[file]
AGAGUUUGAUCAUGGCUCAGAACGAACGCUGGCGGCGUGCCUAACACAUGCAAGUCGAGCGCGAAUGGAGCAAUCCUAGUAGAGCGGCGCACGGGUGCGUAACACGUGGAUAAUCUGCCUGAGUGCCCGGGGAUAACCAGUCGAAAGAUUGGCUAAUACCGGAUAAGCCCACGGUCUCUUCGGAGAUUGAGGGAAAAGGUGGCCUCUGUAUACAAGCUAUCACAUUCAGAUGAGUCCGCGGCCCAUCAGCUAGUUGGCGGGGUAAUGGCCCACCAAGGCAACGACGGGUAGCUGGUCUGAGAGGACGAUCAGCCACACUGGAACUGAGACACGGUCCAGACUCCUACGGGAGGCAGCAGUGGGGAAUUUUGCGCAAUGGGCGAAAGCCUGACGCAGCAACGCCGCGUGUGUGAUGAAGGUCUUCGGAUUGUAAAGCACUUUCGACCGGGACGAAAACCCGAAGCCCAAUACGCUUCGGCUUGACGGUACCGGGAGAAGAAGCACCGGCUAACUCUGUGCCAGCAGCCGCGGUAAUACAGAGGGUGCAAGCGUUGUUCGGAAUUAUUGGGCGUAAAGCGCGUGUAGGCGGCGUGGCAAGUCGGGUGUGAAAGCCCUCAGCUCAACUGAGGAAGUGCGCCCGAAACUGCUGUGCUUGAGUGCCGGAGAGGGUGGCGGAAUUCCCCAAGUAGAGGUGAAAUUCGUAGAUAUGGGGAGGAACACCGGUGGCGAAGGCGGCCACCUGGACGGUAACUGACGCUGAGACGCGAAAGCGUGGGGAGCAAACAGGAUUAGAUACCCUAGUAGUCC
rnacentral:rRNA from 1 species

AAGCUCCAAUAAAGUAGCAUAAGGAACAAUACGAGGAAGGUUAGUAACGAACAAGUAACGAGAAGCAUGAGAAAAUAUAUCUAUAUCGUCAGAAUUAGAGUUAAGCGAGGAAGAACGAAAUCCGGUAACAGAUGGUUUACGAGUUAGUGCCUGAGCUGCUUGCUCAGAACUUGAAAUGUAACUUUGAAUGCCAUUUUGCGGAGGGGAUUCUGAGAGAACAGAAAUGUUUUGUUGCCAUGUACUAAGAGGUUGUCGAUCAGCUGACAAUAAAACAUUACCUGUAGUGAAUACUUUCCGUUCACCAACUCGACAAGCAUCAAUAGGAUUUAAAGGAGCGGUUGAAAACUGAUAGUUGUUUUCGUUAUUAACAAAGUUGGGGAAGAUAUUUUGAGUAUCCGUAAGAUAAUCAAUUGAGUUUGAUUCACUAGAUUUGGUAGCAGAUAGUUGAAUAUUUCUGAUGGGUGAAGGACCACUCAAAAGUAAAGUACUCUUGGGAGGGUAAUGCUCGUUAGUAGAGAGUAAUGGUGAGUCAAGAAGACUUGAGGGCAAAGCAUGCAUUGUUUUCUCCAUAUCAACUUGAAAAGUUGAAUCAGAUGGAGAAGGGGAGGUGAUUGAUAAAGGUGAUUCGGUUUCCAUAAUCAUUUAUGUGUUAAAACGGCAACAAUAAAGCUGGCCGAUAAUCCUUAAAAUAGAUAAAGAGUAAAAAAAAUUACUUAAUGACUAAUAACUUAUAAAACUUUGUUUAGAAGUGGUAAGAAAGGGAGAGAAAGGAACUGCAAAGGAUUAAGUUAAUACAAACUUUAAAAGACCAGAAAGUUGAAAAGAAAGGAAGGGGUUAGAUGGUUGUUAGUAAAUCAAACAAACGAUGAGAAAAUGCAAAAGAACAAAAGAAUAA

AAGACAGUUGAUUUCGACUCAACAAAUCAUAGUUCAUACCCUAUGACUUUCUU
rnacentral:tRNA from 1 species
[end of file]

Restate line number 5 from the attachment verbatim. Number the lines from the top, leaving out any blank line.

rnacentral:tRNA from 1 species